This is a Canadian made film. The story opens with an action scene in which the main protagonist, a Canadian sergeant (Sgt Michael Dunne) and a half section from his platoon are pinned down by a German machine gun position apparently somewhere on Vimy Ridge.

The machine gun position is eliminated but Dunne is wounded in the process and he is invalided back to Canada.

The next hour or so -which is the bulk of the film- takes place in Canada.

The main themes of the film concern Dunne's shell shock (very unconvincingly portrayed), his unrequited relationship with his "love interest" Sarah, a Canadian-born German who suffers from conflicting loyalties due to the fact that her father is fighting on Vimy ridge in the German Army, the local community's view of her, and Dunne's difficult relationship with a superior officer, who, whether or not he is meant to be a Canadian officer, displays stereotypical "Imperial Officer" traits or characteristics when dealing with Empire or Colonial troops.

The film slowly proceeds to the point where Sarah's dysfunctional younger brother enlists, and Dunne feels compelled to the return to the Western Front to protect him. After a film sequence showing a Canadian assault on the ridge and the repulse of a German counter attack, the denouement occurs when Dunne, in a dreadfully hammy and implausible scene, recovers Sarah's wounded brother from a duck board crucifix from the midst of the German trenches. The religious connotatations are heavyhanded and far too over-stated.

Most improbably Dunne also manages to meet up with Sarah (who of course has now volunteered to become a nurse) in a casualty clearing station which bizarely is situated in immediate proximity to the Canadian front line fire trench.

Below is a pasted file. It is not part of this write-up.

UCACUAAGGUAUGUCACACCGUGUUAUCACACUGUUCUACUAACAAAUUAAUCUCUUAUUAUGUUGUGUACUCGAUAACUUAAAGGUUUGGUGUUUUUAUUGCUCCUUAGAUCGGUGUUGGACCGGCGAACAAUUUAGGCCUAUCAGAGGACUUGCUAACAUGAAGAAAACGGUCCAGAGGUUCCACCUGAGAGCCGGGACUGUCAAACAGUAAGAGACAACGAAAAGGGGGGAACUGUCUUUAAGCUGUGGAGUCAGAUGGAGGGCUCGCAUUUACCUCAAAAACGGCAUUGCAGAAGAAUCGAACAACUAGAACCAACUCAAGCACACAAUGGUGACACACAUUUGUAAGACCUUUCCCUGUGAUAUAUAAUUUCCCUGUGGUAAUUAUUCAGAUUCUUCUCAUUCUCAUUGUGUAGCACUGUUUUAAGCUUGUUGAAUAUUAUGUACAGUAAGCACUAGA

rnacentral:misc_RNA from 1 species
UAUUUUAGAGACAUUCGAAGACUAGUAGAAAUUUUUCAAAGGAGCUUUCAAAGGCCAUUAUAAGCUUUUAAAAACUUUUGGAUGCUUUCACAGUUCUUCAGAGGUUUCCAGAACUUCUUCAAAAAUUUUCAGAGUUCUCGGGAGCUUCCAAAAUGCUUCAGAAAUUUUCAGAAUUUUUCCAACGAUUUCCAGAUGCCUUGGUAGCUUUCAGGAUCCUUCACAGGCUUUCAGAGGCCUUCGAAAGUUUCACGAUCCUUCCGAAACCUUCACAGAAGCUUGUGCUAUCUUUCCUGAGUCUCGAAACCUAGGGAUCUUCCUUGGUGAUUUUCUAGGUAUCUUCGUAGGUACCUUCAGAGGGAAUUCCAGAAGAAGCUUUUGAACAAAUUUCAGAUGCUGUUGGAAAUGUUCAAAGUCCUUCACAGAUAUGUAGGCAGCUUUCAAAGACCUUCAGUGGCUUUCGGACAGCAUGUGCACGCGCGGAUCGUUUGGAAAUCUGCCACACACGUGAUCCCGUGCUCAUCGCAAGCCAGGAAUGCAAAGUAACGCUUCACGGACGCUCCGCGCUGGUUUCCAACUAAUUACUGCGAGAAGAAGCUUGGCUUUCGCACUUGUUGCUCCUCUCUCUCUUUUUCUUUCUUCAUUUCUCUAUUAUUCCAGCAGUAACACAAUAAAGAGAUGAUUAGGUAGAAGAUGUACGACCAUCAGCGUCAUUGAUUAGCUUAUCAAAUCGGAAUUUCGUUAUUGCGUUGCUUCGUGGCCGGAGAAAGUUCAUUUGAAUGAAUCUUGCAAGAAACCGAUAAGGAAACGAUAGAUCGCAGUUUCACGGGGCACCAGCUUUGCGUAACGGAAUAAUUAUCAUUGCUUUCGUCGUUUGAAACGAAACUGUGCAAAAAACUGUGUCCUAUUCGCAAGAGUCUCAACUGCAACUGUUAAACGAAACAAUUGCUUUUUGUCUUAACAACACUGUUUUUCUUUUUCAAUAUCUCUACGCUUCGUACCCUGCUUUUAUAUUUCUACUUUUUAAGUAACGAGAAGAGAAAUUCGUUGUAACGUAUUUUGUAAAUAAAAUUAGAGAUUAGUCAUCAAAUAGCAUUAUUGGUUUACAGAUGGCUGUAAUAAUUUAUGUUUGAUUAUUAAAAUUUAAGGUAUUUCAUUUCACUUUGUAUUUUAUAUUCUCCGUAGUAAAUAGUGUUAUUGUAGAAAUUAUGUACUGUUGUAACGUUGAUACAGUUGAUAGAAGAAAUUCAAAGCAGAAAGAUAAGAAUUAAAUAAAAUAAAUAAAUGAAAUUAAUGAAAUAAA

Sadly almost all of this film is tedious and it often strains credulity to the limit if not beyond it. It is suggested that this film is based on a true story. If so, there has been more than a little historical license.

This is a mediocre film and the level of acting is at best average. I award it 1 Star because I can not give it a lesser grade. I suggest if you are reading this that you should save your money. AVOID.
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49 of 60 people found the following review helpful
1.0 out of 5 stars terrible rubbish, 27 Feb 2010
By 
the mickster (Zywiec, Poland) - See all my reviews
Verified Purchase(What is this?)
This review is from: Passchendaele [DVD] [2008] (DVD)
This a no star film. Utterly utterly without redemption. From the ludicrous script to the absurd leading mans overlarge shiny white teeth. Plastic "tin" helmets that are not the correct shape and are too small for the head. Part of the film is a Canadian tourist board advert. Do not buy it and any reviews that say you should are plants. Be Warned
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14 of 17 people found the following review helpful
1.0 out of 5 stars A director's ego trip, 20 Aug 2010
By 
M. Richards (UK) - See all my reviews
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This review is from: Passchendaele [DVD] [2008] (DVD)
If you wanted to see a film about Passchendaele, don't waste your time with this film. It's been made by a bunch of deluded amateurs. Hilariously, in the 'bonus feature,' after proudly describing their attention to historical accuracy, one of the film's production team says, "The Great War, like the First World War, really made us a nation to be reckoned with."

The Canadian Tourist Board should buy-up all stocks of this DVD - to make sure this film is never seen again. Awful, absurd, amateurish.
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1 of 1 people found the following review helpful
5.0 out of 5 stars great film, moving story but sadly no subtitles, 7 Jan 2013
By 
Andy R. Wilson "crazy and loving it" (leicester, UK) - See all my reviews
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enjoyed the film apart from the lack of subtitles, being hard of hearing and wearing 2 hearing aids i need subtitles and cannot believe that any film nowadays is issued on dvd or blu ray without these.
we enjoyed the film, yes it is bloody and gory but what war isn't. the pointlessness of war is shown by the simple loss of life.
the general bombardment of the trenches meant that young innocent lives were lost on both sides.
maybe enjoyment of this type of film is the wrong word.

regrets that i bought it, NO
but next time please state on the listings in large letters NO SUBTITLES

be warned those who need to read what is being spoken
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Passchendaele [DVD] [2008]
Passchendaele [DVD] [2008] by Paul Gross (DVD - 2010)